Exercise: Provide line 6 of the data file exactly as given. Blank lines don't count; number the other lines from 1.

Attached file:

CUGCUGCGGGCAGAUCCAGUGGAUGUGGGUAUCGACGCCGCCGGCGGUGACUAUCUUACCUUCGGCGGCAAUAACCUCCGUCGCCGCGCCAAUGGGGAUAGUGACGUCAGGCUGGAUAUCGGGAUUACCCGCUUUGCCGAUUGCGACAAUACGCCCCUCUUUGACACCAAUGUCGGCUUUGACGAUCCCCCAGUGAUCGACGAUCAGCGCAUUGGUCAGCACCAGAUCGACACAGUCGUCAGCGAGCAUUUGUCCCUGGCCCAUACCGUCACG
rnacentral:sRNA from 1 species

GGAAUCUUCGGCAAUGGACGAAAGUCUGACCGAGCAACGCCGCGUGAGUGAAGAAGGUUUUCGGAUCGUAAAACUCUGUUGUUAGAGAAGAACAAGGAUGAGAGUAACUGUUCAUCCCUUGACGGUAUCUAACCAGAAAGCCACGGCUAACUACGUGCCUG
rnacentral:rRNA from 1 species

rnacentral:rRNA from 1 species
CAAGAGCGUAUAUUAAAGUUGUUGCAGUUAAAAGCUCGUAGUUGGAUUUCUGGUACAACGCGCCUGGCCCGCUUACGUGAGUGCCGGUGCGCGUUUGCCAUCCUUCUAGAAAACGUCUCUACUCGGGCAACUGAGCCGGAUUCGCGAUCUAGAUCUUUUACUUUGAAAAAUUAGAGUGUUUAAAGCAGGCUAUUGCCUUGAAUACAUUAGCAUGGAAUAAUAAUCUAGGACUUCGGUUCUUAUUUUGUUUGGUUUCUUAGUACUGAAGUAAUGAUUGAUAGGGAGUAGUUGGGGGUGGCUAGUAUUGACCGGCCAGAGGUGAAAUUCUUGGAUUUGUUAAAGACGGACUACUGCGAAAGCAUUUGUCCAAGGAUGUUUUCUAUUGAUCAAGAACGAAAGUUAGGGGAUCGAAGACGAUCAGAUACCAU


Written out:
CAAGAGCGUAUAUUAAAGUUGUUGCAGUUAAAAGCUCGUAGUUGGAUUUCUGGUACAACGCGCCUGGCCCGCUUACGUGAGUGCCGGUGCGCGUUUGCCAUCCUUCUAGAAAACGUCUCUACUCGGGCAACUGAGCCGGAUUCGCGAUCUAGAUCUUUUACUUUGAAAAAUUAGAGUGUUUAAAGCAGGCUAUUGCCUUGAAUACAUUAGCAUGGAAUAAUAAUCUAGGACUUCGGUUCUUAUUUUGUUUGGUUUCUUAGUACUGAAGUAAUGAUUGAUAGGGAGUAGUUGGGGGUGGCUAGUAUUGACCGGCCAGAGGUGAAAUUCUUGGAUUUGUUAAAGACGGACUACUGCGAAAGCAUUUGUCCAAGGAUGUUUUCUAUUGAUCAAGAACGAAAGUUAGGGGAUCGAAGACGAUCAGAUACCAU